Things happen on an all-new episode of Star Trek: Picard.
That seems to be the best synopsis for many episodes this season. Lots of things happen. I have no idea how they relate to one other or make a compelling or cohesive tapestry (weak laugh), but, yeah, sure — things happen. Some of those things are reasonable. Some of them seem like confounding already-dead-ends conjured from the sky.
In "Monsters" we go into Picard’s mind, where he struggles with the troubling memories of his mother being dragged away that we’ve been seeing all season and possibly been making incorrect assumptions about. To facilitate this internal confrontation with the past, the comatose Picard has conversations with an ostensible Starfleet therapist (James Callis) who challenges Picard on his emotionally closed-off ways. There is some value here, and having two good actors just sitting in chairs in a somewhat adversarial face-off is at least worth something.
It’s at this point in the season that the "10-hour movie" structure of this series is really starting to take its toll. There are some things to recommend here — notably everybody’s awesome red-carpet wardrobe — but they’re mostly overshadowed by the sinking feeling that all of this is a waste of this production’s time.
Consider the fact you’ve got Patrick Stewart on board for 30 episodes of this series to continue the story of Picard. You’ve got all the resources of the CBS/Paramount machine at your disposal. You could tell a couple dozen cool stories centered on Picard and his crew, preferably some of them even in the 25th century. Instead we’re spending, I’m guessing, an entire eight episodes in 2024, running around and chasing vague plot things in an overarching story that so far makes very little sense.
"Fly Me to the Moon" is a course correction after the hugely uneventful "Watcher," in which a car chase featured no one chasing the car. (I just can’t get over that one.) This outing is fine, but the season, which started out with two very entertaining and promising shows, is getting predictably mired in the bog that is its serialized nature, which features a lot of plot and characters but an unfortunate lack of curiosity.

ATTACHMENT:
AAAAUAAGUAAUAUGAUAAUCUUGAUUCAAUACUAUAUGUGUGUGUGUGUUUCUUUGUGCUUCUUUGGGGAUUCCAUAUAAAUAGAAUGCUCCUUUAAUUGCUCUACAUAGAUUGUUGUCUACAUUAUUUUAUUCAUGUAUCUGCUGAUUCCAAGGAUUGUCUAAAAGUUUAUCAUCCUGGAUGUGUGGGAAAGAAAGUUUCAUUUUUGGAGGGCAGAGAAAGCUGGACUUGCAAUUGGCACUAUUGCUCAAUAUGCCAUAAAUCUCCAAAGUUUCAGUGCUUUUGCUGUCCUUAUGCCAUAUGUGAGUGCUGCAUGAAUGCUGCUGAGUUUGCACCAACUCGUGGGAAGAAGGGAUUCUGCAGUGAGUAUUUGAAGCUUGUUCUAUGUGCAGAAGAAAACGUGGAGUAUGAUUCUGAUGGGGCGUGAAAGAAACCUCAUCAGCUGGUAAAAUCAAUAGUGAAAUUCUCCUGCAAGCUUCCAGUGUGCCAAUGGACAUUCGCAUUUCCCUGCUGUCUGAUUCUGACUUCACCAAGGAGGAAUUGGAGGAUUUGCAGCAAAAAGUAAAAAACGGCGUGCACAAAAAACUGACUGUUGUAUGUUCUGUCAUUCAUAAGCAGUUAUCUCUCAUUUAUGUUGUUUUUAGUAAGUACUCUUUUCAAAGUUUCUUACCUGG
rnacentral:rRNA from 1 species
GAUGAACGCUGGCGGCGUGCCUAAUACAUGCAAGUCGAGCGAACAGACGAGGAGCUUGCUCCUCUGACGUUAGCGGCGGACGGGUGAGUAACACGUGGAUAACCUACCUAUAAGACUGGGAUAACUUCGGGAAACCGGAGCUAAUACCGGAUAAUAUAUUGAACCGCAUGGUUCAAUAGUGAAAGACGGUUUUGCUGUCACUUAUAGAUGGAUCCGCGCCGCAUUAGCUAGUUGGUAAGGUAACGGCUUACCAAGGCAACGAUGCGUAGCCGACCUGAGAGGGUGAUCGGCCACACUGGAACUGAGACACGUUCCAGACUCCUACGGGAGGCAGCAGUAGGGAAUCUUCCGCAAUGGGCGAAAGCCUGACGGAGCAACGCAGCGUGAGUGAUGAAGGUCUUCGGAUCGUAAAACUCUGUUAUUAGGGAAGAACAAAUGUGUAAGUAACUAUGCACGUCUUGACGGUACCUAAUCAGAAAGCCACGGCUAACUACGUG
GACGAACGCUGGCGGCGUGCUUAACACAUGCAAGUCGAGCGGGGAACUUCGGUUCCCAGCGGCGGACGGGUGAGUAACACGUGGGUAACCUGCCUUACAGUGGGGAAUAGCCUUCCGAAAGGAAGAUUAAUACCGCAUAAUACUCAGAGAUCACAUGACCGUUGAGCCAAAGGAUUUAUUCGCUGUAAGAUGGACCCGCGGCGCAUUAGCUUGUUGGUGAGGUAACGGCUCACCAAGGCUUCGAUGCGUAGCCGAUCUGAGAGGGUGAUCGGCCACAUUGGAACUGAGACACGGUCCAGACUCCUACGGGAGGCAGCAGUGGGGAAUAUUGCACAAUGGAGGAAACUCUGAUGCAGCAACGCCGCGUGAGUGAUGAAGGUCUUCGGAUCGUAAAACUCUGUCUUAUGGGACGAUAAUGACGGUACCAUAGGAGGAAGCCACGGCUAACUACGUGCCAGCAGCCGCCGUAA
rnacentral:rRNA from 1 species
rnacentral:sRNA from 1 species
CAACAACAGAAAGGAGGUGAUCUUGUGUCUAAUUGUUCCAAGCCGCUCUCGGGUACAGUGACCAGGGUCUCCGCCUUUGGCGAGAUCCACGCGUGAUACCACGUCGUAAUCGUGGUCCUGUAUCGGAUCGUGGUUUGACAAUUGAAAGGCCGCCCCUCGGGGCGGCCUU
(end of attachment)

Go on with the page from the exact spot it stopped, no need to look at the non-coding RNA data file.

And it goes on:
It’s more about moving pieces around on a chessboard (although Picard has so far yet to become "the board upon which this very game is played," as was promised by Q) and setting various things in procedural motion.
This episode does so at a reasonable clip and it has its character-based pleasures, mostly involving Agnes (who knew?) and her new frenemy, the Borg Queen, who early in the episodes uses Rios’ voice commands to tap into a cell tower and call the police. A police officer arrives, which the Queen seems prepared to assimilate (although I was wondering why she never used that handy Borg tentacle until this very moment), so Agnes shoots her dead with a shotgun.
The best scene in "Watcher" comes near the beginning. It’s the scene on the bus with the punk mohawk guy with a boombox who’s listening to a version of the same song as the punk mohawk guy in Star Trek IV. Seven asks him to turn the music down. The guy complies and embarrassingly apologizes. I laughed out loud. It’s a fun, winking reference to the time-travel scenario we’re in and shows the writers have a self-awareness about the material they’re aping.
Unfortunately, that sense of fun and self-awareness is nowhere to be found elsewhere in this slog of an episode, which is mostly just bitter and preachy — when it’s anything at all, that is, since it spends most of its time literally spinning its wheels. The first two episodes did a good job of moving the narrative forward and keeping us involved. The third episode was a piece-moving transition piece, but an engaging one. This episode, however, worries me. It’s a textbook example of serialized stalling, where everyone mostly just kind of does mechanical things in ways that run out the clock on the episode while not really accomplishing anything.
My one-sentence review of "Coming Home," Discovery‘s fourth-season finale, is as follows: It does all the right Trekkian things, but is predictably and sometimes painfully obvious about it. There’s very little that happens here that was not telegraphed or expected, and that simultaneously speaks to this season’s merits and shortcomings. On balance I consider this pretty average, mostly because it whiffs at being an emotional and visceral payoff (while trying way too hard at that), even as it succeeds in affirming the season’s overall values and mission statements. The substance is fine, even admirable; the execution is … sigh.
On the plus side, this season of Discovery is the most true-to-Trek of the four seasons of this series thus far, highlighting the importance of diplomatic restraint, communication efforts, teamwork, and individual contributions, while warning against the dangers of unchecked aggression and hubris. In the end, the values of Starfleet are affirmed and rewarded, which is exactly the way it should be if you’re going to tell a story that extols the traditional Federation.